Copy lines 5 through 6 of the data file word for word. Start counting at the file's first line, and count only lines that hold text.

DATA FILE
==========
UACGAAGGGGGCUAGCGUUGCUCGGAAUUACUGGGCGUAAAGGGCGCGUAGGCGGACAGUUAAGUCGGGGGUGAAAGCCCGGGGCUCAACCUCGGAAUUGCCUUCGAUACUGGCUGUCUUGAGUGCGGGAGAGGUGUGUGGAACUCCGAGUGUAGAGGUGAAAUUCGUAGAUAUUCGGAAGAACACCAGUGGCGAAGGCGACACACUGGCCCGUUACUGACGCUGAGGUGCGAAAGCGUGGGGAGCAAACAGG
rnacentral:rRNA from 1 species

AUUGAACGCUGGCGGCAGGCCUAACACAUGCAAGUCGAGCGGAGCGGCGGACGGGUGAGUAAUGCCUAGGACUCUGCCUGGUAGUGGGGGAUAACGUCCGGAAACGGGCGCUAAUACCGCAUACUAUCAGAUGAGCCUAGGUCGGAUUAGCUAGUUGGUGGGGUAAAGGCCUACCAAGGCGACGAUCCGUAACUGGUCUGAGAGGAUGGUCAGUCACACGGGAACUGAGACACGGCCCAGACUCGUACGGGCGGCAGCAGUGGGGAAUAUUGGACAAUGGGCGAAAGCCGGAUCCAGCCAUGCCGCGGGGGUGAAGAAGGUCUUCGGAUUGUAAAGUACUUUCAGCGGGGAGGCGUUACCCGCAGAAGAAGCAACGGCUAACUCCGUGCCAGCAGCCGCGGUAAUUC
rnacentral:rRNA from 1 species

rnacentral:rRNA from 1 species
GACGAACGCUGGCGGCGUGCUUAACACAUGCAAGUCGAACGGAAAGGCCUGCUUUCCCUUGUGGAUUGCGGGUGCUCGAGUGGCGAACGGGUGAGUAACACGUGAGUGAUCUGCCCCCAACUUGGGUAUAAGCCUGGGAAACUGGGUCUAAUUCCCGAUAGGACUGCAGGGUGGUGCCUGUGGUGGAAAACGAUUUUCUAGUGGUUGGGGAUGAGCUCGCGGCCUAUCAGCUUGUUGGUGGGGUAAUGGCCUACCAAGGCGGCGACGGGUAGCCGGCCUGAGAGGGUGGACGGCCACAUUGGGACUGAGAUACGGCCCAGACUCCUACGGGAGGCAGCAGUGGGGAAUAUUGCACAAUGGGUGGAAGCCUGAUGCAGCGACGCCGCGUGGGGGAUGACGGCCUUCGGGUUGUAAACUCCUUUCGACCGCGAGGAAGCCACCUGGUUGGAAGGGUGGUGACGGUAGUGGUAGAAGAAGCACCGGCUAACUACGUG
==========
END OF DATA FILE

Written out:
rnacentral:rRNA from 1 species
GACGAACGCUGGCGGCGUGCUUAACACAUGCAAGUCGAACGGAAAGGCCUGCUUUCCCUUGUGGAUUGCGGGUGCUCGAGUGGCGAACGGGUGAGUAACACGUGAGUGAUCUGCCCCCAACUUGGGUAUAAGCCUGGGAAACUGGGUCUAAUUCCCGAUAGGACUGCAGGGUGGUGCCUGUGGUGGAAAACGAUUUUCUAGUGGUUGGGGAUGAGCUCGCGGCCUAUCAGCUUGUUGGUGGGGUAAUGGCCUACCAAGGCGGCGACGGGUAGCCGGCCUGAGAGGGUGGACGGCCACAUUGGGACUGAGAUACGGCCCAGACUCCUACGGGAGGCAGCAGUGGGGAAUAUUGCACAAUGGGUGGAAGCCUGAUGCAGCGACGCCGCGUGGGGGAUGACGGCCUUCGGGUUGUAAACUCCUUUCGACCGCGAGGAAGCCACCUGGUUGGAAGGGUGGUGACGGUAGUGGUAGAAGAAGCACCGGCUAACUACGUG